Collin County Archaeology Society, meets second Tuesday each month, 7 pm, Texas Star Bank, McKinney. For more info: archaeology@netzero.net. Collin County Genealogical Society, meets the second Wednesday each month, 7 pm, Haggard Library, 2501 Coit Rd, Plano. For more info: ccgs.programs@gmail.com. Collin County Libertarian Party meets every second Wednesday, most often at 5th Street Pizza, 111 Central Expwy., Allen. For more info: collinlp.org or email collinlp.org@ gmail.com. Collin County Master Gardeners tour of Myers Park, meets the first Wednesday each month, 10 am, 7117 County Rd. 166, McKinney. Reservations req. For more info: 972.548.4232 or mgcollin@ag.tamu. edu. Collin County Republican Men’s Club, meets the third Thursday each month, 7 pm, locations vary. For more info: www.ccrmc.org. Dallas Dog Lovers, events for dogs and owners in the Dallas area. For more info: www.dallasdoglovers.com Department 56 Village Collectors Club second Saturday every month, in the Plano/ North Dallas area to share ideas. For more info: www.bigd56ers.com. Ericsson Village Toastmasters Club, meets every Monday, 12-1 pm, Ericsson, 6300 Legacy, Plano. Guests welcome. For more info: Per Treven, 972.583.8273 or per. treven@ericsson.com. First Nighter African Violet Society, meets third Monday each month, 7 pm, Stacy Road Pet Hospital, 451 Stacy Road, Fairview. Promotes interest in African violets and study of growth habits. For more info: 972.398.3478. Greater Collin County Kennel Club, meets the second Wednesday of each month, 7 pm, Joe Farmer Rec Ctr, 1201 E. Bethany, Allen. For more info: www.greatercollinkc.org. Legacy 4-H Club (Allen & Lucas), meets first and third Tuesday each month, 7 pm, Lovejoy High School, Lucas. For more info: kathrin_esposito@asus.com or 214.616.2460. Live @ 5 Business After Hours, meets the third Thursday each month, 5-6:30 pm at various member businesses. Free. For more info: www.allenfairviewchamber.com. Lone Star Parliamentary Unit, meets 2nd Monday of each month September thru May 10:30 am, Allen Public Library. Promotes parliamentary education. For more info: 972.727.3090, Mae Shaw, President. Lovejoy Preschool PTA. Monthly meetings at Creekwood UMC, second Thursday of each month, 261 Country Club Rd, Fairview. Different topic & speakers each month. Lunch provided free; babysitting available for nominal fee. For more info: www.lovejoypa.org, meetup.com/ Lovejoy-Preschool-PTA/. Allen Image | July 2016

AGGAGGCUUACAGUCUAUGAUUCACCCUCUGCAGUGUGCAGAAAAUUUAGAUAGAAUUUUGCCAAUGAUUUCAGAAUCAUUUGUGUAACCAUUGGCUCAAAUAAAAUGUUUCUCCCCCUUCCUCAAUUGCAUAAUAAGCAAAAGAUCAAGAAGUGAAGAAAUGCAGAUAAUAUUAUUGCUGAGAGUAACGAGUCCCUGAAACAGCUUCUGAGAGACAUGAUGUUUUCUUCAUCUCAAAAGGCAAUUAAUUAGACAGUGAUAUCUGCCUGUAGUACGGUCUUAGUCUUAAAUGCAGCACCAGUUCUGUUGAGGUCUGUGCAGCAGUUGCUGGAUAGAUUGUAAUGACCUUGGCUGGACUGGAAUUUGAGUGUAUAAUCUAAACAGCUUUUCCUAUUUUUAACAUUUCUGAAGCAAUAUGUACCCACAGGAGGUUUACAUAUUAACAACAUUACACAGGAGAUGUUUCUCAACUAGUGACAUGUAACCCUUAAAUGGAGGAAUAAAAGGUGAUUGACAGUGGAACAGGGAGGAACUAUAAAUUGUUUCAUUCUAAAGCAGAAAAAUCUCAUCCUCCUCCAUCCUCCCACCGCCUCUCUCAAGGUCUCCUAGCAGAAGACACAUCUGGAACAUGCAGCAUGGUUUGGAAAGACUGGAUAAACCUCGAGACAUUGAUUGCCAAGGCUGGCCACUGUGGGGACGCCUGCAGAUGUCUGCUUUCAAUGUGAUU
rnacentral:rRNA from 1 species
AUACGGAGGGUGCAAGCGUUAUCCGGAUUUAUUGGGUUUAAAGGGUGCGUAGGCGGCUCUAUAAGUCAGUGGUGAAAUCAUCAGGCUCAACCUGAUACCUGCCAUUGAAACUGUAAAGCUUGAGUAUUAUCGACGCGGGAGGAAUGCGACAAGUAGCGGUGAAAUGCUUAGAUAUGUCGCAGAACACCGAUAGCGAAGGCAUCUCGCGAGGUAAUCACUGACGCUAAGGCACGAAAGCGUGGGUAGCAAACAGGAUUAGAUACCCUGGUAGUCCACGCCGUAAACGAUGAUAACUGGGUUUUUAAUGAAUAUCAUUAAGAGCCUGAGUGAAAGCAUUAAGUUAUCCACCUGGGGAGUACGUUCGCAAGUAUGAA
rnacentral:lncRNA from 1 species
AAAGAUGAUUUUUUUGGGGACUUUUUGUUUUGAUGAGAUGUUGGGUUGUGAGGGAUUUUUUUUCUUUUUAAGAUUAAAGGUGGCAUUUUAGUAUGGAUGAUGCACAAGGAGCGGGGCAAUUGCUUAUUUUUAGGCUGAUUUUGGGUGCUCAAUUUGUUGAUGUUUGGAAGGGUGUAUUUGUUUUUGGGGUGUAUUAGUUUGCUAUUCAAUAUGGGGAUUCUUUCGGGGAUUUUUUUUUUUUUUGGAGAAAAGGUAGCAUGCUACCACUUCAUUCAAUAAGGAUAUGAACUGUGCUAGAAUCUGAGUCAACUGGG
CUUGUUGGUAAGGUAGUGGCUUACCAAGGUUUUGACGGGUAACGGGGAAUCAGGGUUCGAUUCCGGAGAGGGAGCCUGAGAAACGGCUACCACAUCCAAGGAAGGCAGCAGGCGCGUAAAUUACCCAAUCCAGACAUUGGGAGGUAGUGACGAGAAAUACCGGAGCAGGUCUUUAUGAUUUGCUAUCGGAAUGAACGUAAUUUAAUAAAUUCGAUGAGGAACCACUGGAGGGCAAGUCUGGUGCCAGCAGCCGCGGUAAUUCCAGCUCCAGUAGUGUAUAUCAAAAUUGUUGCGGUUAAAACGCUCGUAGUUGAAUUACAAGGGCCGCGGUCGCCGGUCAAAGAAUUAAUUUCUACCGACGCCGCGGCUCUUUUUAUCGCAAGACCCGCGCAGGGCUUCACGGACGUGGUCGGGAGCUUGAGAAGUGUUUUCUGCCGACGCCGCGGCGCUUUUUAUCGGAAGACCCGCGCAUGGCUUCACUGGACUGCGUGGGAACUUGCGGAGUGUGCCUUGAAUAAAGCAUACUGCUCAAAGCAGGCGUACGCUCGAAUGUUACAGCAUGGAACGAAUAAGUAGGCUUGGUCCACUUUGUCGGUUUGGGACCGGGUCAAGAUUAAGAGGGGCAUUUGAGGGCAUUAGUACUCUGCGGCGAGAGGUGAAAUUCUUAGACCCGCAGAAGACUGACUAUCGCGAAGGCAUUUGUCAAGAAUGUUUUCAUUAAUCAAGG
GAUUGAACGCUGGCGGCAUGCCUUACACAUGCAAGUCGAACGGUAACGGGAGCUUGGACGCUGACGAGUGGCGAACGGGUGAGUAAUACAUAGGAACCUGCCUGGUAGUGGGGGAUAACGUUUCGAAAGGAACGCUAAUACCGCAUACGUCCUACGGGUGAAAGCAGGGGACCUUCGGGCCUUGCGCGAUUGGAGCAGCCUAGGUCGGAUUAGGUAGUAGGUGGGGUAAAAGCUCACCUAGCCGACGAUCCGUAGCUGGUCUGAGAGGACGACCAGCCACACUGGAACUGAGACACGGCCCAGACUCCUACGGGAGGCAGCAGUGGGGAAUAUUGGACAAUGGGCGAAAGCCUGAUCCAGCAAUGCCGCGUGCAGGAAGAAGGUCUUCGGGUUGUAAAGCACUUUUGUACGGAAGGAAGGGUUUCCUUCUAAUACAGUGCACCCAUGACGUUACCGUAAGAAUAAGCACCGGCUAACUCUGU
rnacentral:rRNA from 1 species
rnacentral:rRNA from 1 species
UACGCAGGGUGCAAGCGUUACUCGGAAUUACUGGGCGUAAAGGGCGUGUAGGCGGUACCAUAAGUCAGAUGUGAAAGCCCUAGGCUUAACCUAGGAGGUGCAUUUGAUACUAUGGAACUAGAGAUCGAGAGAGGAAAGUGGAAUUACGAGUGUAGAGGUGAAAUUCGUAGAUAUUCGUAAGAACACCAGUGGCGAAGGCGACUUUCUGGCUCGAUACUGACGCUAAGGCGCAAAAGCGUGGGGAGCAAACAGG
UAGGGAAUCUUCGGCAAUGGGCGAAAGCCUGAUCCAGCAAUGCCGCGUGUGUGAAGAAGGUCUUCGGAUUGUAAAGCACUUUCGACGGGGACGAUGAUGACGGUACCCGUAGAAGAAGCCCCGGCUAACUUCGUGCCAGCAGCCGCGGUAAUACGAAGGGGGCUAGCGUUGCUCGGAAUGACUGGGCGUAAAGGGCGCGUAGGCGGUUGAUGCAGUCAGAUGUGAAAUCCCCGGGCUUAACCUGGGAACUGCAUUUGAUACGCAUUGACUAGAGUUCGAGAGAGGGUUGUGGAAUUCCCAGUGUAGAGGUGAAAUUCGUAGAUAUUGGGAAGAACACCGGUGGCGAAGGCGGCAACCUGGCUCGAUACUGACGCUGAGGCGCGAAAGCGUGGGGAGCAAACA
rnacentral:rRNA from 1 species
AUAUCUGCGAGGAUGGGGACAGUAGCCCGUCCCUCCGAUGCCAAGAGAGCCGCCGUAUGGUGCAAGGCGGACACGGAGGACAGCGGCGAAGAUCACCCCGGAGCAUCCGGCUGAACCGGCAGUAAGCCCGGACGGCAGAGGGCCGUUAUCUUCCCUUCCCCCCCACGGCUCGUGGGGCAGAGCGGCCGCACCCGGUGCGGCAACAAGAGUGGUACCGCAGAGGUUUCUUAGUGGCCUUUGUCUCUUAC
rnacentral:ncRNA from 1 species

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McKinney Amateur Radio Club, meets the second Tuesday each month, 7 pm, Spring Creek Bar B Que 1993 North Central Expressway, McKinney. For more information: 972.814.4190. McKinney Area Newcomers’ Club, meets third Tuesday each month, 9:30 am, Trinity Presbyterian Church, 5871 W. Virginia Pkwy., McKinney. For more info: www.mckinneynewcomers.com. McKinney Area Republican Co-Ed Club, meets second Thursday each month, 7 pm, Collin County GOP Hdqts., 8416 Stacey Rd., #100, McKinney. Location varies. For more info: collincountyconservativerepublicans.com. Moms in Prayer, join worldwide prayer movement—bringing mothers together and seeing God change children through prayer. For more info: MomsInPrayer.org or Amy Guthrie at amyguthrie@verizon.net. NARFE Chapter 559, meets third Monday of each month at 1:30 pm at the Village of Stonebridge Assisted Living, 3300 S. Stonebridge Drive, McKinney. All current government employees and retirees invited. Newcomer Friends of Greater Plano, meets the second Tuesday each month, 9:30 am, SMU in Plano, 5236 Tennyson Pkwy., Plano. Guests welcome. For more info: www.newcomerfriends.org. North Dallas Newcomers, meets first Thursday each month, 11 am, various country clubs. For more info: www.northdallasnewcomers.net.